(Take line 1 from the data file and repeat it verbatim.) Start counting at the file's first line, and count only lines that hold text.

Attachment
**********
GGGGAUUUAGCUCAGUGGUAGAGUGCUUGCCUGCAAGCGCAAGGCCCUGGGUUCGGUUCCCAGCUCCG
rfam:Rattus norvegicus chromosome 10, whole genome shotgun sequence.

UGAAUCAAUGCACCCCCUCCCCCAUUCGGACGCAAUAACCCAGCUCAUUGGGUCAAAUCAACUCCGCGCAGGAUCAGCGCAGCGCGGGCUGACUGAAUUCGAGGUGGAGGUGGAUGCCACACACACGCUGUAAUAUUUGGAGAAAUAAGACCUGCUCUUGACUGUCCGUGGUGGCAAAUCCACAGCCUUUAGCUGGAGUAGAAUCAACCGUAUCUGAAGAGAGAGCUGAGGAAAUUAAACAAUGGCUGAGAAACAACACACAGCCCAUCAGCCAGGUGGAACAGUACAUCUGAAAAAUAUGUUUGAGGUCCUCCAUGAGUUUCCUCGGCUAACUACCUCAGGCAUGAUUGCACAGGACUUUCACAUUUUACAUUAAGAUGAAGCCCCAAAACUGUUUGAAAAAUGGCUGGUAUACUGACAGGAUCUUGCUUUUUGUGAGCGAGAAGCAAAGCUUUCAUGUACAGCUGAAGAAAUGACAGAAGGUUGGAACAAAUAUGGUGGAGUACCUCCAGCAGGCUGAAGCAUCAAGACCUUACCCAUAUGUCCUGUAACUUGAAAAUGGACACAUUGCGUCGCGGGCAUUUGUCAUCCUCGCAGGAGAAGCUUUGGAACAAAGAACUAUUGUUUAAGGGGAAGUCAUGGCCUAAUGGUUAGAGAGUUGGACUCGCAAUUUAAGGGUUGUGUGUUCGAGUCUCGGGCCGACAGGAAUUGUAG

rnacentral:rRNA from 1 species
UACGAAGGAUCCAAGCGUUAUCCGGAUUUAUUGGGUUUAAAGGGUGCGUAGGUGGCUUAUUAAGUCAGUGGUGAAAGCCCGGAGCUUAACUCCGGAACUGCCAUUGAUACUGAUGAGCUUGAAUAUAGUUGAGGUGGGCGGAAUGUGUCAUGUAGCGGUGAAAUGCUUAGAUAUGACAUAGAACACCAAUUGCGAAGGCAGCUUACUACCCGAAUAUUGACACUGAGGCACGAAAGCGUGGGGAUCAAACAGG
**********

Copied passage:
GGGGAUUUAGCUCAGUGGUAGAGUGCUUGCCUGCAAGCGCAAGGCCCUGGGUUCGGUUCCCAGCUCCG